Mouse Allergens in Schools Increase Asthma Symptoms and Impair Lung Function

Allergies & Asthma

A recent study published in the Journal of American Medical Association Pediatrics observed a clinically significant association between exposure to mouse allergens and an increase in asthma symptoms as well as diminished lung function.

Asthma is a pervasive health concern in the United States, however, asthma tends to disproportionately affect low-income groups and minorities residing within inner-city neighborhoods. Prior research studies have deemed that allergens found in inner-city homes are vital risk factors for developing asthma, these studies have also shown that interventions aimed at mitigating one’s exposure to these home-found allergens effectively decreased asthma severity. Furthermore, past asthma research has outlined the prevalence of asthma-related allergens within schools. Importantly, though, no research studies have examined the direct influence of exposures to allergens found within inner-city schools have on asthma symptoms and lung function.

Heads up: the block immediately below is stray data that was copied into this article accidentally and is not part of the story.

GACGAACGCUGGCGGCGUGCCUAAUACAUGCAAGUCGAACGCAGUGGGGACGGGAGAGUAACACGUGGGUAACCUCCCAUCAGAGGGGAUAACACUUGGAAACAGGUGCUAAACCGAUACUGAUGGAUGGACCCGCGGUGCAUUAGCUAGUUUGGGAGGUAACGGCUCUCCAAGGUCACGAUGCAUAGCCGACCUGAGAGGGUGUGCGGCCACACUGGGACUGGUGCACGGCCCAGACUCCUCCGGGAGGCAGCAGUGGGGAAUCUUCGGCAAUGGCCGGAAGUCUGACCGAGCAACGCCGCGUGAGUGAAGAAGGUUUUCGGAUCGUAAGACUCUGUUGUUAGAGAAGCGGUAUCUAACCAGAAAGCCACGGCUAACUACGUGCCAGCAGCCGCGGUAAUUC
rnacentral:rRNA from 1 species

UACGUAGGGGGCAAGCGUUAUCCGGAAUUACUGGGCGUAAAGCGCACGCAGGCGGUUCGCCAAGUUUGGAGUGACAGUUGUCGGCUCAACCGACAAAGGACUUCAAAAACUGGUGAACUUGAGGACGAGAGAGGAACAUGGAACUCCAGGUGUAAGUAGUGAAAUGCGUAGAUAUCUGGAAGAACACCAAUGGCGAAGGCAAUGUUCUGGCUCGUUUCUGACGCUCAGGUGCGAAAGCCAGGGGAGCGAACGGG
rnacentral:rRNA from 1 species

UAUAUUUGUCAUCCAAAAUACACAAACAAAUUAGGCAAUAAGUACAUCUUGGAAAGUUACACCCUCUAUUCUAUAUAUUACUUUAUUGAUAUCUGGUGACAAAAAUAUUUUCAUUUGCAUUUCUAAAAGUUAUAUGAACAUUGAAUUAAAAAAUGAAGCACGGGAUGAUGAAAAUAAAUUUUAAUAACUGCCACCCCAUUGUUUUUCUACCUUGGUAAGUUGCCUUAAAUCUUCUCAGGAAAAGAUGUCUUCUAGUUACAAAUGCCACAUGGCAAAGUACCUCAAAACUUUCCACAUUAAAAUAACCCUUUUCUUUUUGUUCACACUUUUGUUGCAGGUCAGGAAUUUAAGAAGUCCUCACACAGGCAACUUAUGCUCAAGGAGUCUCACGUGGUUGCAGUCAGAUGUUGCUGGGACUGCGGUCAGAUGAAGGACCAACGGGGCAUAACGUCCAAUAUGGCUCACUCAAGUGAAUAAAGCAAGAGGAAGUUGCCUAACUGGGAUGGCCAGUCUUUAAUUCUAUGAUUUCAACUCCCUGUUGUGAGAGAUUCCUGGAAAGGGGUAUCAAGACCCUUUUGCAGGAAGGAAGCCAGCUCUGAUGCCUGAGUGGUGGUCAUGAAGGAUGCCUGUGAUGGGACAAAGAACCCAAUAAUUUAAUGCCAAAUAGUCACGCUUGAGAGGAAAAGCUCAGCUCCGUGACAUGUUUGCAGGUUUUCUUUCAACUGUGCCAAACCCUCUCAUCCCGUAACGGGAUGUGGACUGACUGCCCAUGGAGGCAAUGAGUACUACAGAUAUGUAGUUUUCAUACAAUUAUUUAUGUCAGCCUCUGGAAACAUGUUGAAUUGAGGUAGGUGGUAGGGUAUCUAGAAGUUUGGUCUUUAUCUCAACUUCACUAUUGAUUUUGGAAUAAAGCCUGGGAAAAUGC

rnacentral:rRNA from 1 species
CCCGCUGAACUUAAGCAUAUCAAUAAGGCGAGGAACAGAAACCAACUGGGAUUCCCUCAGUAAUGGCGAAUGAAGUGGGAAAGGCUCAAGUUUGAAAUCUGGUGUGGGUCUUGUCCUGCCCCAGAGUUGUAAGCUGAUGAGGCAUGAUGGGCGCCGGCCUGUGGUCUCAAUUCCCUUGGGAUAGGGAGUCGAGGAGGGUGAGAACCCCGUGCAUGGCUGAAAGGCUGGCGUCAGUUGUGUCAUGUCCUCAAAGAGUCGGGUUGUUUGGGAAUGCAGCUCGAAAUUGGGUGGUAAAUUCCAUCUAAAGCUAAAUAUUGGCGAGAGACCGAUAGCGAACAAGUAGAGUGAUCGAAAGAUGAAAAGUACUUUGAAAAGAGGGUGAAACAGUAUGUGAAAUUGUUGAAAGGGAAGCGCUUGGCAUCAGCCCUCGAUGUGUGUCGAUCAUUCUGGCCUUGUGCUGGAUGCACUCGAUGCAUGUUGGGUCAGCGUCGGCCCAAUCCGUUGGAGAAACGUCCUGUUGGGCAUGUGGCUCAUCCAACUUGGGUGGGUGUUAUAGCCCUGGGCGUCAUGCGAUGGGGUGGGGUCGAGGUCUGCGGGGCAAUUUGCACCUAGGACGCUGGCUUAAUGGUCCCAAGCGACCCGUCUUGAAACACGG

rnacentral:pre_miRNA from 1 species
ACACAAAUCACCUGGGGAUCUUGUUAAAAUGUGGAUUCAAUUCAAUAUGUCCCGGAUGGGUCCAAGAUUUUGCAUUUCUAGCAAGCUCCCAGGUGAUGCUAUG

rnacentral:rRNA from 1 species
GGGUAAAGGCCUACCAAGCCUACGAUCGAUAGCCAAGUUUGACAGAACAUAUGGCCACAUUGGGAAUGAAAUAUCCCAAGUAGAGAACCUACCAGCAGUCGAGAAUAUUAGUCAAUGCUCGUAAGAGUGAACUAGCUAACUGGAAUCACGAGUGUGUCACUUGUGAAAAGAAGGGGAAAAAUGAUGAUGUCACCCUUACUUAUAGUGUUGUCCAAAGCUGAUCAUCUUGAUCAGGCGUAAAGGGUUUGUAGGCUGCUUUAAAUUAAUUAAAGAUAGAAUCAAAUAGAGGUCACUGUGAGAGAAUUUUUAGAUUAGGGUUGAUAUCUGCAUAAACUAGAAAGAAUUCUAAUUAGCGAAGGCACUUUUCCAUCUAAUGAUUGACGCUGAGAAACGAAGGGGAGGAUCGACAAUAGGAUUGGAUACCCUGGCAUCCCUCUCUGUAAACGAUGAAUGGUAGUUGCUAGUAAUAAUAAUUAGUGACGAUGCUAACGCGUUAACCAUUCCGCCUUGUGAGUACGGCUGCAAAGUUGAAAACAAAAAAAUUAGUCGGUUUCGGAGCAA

A total of 351 students from 38 elementary inner-city schools were included in this study’s analysis, and data collection took place repeatedly over 5 years. A variety of allergens were searched for including those for cat, dog, mouse, rat, and cockroach in the schools. Researchers collected dust samples from inner-city classrooms twice a year, and follow-up phone interviews were administered at 3, 6, 9, and 12 months. Statistical analyses revealed a clinically significant connection between mouse allergens (among all other allergens) and the number of days that asthma symptoms were experienced. Participants with the most exposure to mouse allergens experienced 3.6 days of asthma symptoms during a 2-week period, while participants with the least exposure to mouse allergens experienced 2.9 days of asthma-related symptoms over the same period. This association was found regardless of the degree to which a child was sensitive to an allergen commonly located in schools (mouse, cat, and dog in this instance).

Public health interventions aimed at reducing children’s exposure to environmental allergens usually found within inner-city schools could be instrumental for all children diagnosed with asthma.

Written By: Melissa Booker

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